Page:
Emin’s weakness of body, during the few minutes of his standing there to gain the hearts of those brave fellows, made him return home as much fatigued as if he had marched an hundred miles. Presently after, the lady of the village, or wife of the chief, who happened to be absent, sent her compliments to Emin, desiring to speak a word with him. He excused himself, deferring the interview to the next day, when he waited on her. After the usual compliments were passed, she very kindly asked how he did, and hoped that his Armenian subjects took great care of him? Emin said they were not his subjects; they were his countrymen. She said, "How can that be, when all the Dagistanis call you Armarily Pateshahy, and will stand by you with their conquering arms, to make even that Yaver Heretius Gurjee acknowledge you such; nor is it in the power of any prince to stop the mouth of the world? Do not you know the proverb, which says, Ell Agzy Faldar; or, The mouth of the people is omen? The inhabitants of our village are thrown into great apprehensions, on seeing the Muchkiz nation coming to you, and acknowledging you their sirdar, or leader. I am in hopes my people have not displeased you?" Emin said, "By no means, madam; in the first place I am but a guest, and the village is under the protection of the Russian patishah, whom God preserve! and who is also the protector of the Armenian nation. How is it possible I should be so imprudent as to take it amiss? Even if your ladyship should chuse to turn me out of Boragan your village, with a glad heart I should obey your command that very instant. " At this expression the lady could not contain herself for joy; she then, with uncommon cheerfulness, honoured Emin, saying, "O, brother! I am happy to see the reality of the report I have heard; you truly deserve to be the sovereign of all Armenia, Dagishtan, and Georgia. " Emin said, his opinion of her wisdom stood on the same ground, having often heard the praises of Circassian ladies, and now seeing the truth of them in her most charming sensible behaviour. Finding, therefore, the lady to resemble in beauty, politeness, and good-nature, the noble English ladies, he cheered up his spirits and opened the book of his heart before her, displaying his rhetoric in the Turkish language, which made the amiable Circassian love him as her brother; and while he remained there, she called him so with great affection; and he esteemed the liberty of intitling her as his dear sister equally valuable. After this peaceful meeting was over, he eat bread and salt, which is the sacred tie of friendship, and then went to his lodging, almost recovered; giving a demonstrative proof of the power of the fair sex, that a single conversation only could cure his illness: and he is happy to declare, that it had been always his lot, when in great distress of mind, to be relieved by them, and induced not to despair.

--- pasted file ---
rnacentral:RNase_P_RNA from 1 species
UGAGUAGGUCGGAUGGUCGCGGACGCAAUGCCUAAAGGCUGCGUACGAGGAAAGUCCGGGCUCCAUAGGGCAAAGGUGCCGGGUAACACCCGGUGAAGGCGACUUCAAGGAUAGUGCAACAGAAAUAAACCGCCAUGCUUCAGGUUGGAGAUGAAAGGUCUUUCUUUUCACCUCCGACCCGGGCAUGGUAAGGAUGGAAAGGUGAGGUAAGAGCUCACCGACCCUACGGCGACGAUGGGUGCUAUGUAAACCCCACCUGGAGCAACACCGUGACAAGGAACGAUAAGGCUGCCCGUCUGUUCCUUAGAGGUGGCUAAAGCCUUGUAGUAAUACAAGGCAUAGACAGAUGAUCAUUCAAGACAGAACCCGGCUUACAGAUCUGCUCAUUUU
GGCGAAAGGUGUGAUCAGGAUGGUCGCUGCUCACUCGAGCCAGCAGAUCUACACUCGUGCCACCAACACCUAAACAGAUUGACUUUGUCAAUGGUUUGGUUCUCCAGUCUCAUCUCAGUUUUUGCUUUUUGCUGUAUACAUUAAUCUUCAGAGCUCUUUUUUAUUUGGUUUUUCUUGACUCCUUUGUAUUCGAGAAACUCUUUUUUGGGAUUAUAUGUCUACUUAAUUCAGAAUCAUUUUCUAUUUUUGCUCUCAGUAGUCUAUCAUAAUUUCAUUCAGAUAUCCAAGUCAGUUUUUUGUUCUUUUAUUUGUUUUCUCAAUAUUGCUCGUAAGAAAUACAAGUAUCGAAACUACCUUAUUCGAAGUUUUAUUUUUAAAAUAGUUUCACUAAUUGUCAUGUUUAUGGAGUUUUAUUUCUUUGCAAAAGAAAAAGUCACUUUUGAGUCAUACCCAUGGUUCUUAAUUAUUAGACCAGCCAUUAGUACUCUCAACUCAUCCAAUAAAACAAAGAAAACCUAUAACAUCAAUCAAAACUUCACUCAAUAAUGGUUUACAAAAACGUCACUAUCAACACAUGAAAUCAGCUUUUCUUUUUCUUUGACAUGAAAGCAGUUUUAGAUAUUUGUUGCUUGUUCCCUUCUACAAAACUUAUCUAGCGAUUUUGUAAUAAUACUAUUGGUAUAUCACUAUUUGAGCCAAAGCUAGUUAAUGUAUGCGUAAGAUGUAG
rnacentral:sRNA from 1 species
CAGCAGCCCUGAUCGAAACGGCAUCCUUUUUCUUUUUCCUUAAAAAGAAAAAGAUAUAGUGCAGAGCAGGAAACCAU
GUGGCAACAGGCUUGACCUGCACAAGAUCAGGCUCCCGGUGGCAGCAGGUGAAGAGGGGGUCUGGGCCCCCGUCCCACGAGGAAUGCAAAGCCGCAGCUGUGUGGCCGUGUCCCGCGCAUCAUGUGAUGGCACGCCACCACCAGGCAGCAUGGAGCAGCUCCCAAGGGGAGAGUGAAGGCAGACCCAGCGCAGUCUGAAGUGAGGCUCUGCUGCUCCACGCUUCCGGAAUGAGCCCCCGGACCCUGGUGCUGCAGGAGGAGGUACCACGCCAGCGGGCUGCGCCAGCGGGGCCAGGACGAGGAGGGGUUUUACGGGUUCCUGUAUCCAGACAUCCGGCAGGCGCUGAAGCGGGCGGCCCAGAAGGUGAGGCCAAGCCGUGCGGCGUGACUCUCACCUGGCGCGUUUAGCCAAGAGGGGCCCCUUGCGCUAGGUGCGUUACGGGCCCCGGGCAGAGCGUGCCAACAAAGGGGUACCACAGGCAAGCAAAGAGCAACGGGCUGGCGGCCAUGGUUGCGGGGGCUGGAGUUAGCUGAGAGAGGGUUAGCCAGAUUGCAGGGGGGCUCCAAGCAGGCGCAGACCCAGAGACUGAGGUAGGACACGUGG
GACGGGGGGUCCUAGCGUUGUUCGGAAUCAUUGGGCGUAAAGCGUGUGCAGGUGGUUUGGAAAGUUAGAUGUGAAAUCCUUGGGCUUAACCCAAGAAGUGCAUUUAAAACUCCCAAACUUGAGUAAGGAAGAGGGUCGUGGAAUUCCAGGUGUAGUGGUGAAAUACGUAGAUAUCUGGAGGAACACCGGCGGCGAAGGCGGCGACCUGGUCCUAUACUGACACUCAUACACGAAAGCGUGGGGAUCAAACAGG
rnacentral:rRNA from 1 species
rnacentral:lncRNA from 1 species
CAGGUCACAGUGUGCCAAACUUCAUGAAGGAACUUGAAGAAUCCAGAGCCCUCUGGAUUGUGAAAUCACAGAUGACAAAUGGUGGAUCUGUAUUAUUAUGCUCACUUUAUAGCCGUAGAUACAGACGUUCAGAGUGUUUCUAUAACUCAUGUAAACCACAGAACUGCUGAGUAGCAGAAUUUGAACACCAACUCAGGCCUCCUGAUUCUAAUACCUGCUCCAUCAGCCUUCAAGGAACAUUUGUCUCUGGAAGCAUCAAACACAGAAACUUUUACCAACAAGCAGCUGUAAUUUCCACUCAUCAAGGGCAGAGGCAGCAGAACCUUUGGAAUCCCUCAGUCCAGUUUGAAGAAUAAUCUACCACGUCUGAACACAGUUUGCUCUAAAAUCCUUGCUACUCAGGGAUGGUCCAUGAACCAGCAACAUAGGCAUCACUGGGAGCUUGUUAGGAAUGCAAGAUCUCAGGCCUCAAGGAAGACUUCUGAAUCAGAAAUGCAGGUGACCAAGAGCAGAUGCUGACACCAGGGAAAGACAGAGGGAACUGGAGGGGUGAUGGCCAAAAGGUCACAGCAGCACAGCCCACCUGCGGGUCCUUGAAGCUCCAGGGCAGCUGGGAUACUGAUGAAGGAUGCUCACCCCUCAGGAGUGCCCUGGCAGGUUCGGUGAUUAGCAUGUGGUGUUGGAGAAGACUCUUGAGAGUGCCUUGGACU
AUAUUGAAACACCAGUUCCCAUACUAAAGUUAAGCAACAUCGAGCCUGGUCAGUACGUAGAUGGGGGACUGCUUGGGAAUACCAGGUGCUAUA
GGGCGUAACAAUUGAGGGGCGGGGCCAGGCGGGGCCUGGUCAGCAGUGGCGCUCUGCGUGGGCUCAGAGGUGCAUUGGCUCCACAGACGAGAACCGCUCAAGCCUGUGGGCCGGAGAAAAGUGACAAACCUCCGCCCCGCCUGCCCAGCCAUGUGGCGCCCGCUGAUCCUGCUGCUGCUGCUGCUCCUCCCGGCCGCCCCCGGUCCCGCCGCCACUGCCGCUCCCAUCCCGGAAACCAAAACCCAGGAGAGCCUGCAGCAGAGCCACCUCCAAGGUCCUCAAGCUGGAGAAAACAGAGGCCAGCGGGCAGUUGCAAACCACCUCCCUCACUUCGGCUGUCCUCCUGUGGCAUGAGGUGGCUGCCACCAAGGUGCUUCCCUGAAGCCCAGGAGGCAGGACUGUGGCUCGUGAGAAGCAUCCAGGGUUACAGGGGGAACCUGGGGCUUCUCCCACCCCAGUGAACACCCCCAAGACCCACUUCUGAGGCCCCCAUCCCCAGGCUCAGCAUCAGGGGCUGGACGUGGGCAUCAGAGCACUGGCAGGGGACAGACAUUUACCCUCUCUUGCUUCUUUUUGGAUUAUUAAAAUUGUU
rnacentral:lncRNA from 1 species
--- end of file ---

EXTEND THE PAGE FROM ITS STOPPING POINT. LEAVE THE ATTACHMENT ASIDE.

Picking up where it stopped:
Every two or three days the troops came, and were received as usual. When the list was completed to eight thousand, in a month’s time, its report reached Georgia to the south, and Astrakhan to the north; for a Kizlar was but twelve miles from Boragan, they could have intelligence from it in four-and-twenty hours, the sentry being just over the river Turky, where two thousand Russian Cossack families inhabited. Emin was informed that a Nukhchuan Armenian had told all that passed to the new general of Kizlar, successor to the late Stupition, and how Emin had brought over to him those eight thousand men, and inlisted them; for which information the fellow received a reward of 1500 strokes with a stick on his naked back, by the general’s order; who declared to the rest of the Armenians standing by, that Emin was a free man, not a subject to the Russians, and a Christian, as well as a man of honour, that he would do the Russians no wrong, nor meddle with their frontiers. "Let him do as he pleases, " added he; "our great ministers have several times examined him, and know his principles better than you do; otherwise he would never have been suffered to pass our frontiers. The envious Heraclius has not let him remain in his country, though he would have been of infinite service to him; and the very man to prevent the Lazguis from enslaving every year multitudes of the Georgians, and selling them like asses to the Turks. Emin is much beloved by two great nations; first by the English, secondly by us Russians. How can it be possible that he should act with hostility against Christians; for his very aim and zeal is to die for Christians? He flatters the Dagistanians only to frighten Heraclius. I tell you, that hence-forward, if ever you bring such treacherous false reports to me, you shall be tied up and flogged like brats, which will be worse than the chastisement yonder fellow has received. " This news made Emin very happy, especially as it came from an unknown gentleman, whom he never before had the honour of seeing.

At the beginning of November one of his servants arrived from Petersburgh, who had been sent from Tiffliz eight or nine months before, for the third and last draft of one hundred pounds from the late duke of Northumberland, with three pieces of English cloth and a watch worth ten pounds, presents from his old Armenian friend Joanes Lazar, in Russian - Ivan Lazarwitz, before-mentioned. This man, whose name was Tarkhan, told Emin, that when he was at Astrakhan, in his way, the princess Marian seemed to be in great concern at his having been used so unpolitely, without even a civil letter. She pleaded, that her mother was at that time in great agitation; for the tyrannical new governor had stopped the allowance made by the late empress Elizabeth, pressing hard, and trying all possible means in his power to make her his wife; which trouble of mind prevented her writing to his master. Tarkhan, understanding something of the affair, or, perhaps, having been acquainted with it at Moscow, said to her, "No, Madam, your Highness had heard that Emin was poor, and you did not care to answer his letter: now you hear he has the command of all Dagistan, you speak thus mildly, so as to move his affection: but he is a man of spirit, and will abide by your treatment of him. For your sake alone he displeased Heraclius, while you or your mother had not sense enough to gain the heart of a man who would have raised you in honour and respect. Whom do you now think of marrying, but some Armenian merchant, who, in Russia, is no more than a Jew?"